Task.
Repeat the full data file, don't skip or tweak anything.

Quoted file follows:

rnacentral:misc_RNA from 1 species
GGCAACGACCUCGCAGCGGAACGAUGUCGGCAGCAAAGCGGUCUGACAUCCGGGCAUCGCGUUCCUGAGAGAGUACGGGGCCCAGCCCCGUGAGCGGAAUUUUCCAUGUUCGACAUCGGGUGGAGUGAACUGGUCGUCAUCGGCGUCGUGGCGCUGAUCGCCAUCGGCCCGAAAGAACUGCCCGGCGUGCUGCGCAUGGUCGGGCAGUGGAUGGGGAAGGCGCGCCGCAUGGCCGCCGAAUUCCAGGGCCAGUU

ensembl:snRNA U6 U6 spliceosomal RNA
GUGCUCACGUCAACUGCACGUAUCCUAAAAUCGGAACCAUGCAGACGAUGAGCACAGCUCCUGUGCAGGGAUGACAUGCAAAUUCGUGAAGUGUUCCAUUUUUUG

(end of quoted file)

rnacentral:misc_RNA from 1 species
GGCAACGACCUCGCAGCGGAACGAUGUCGGCAGCAAAGCGGUCUGACAUCCGGGCAUCGCGUUCCUGAGAGAGUACGGGGCCCAGCCCCGUGAGCGGAAUUUUCCAUGUUCGACAUCGGGUGGAGUGAACUGGUCGUCAUCGGCGUCGUGGCGCUGAUCGCCAUCGGCCCGAAAGAACUGCCCGGCGUGCUGCGCAUGGUCGGGCAGUGGAUGGGGAAGGCGCGCCGCAUGGCCGCCGAAUUCCAGGGCCAGUU

ensembl:snRNA U6 U6 spliceosomal RNA
GUGCUCACGUCAACUGCACGUAUCCUAAAAUCGGAACCAUGCAGACGAUGAGCACAGCUCCUGUGCAGGGAUGACAUGCAAAUUCGUGAAGUGUUCCAUUUUUUG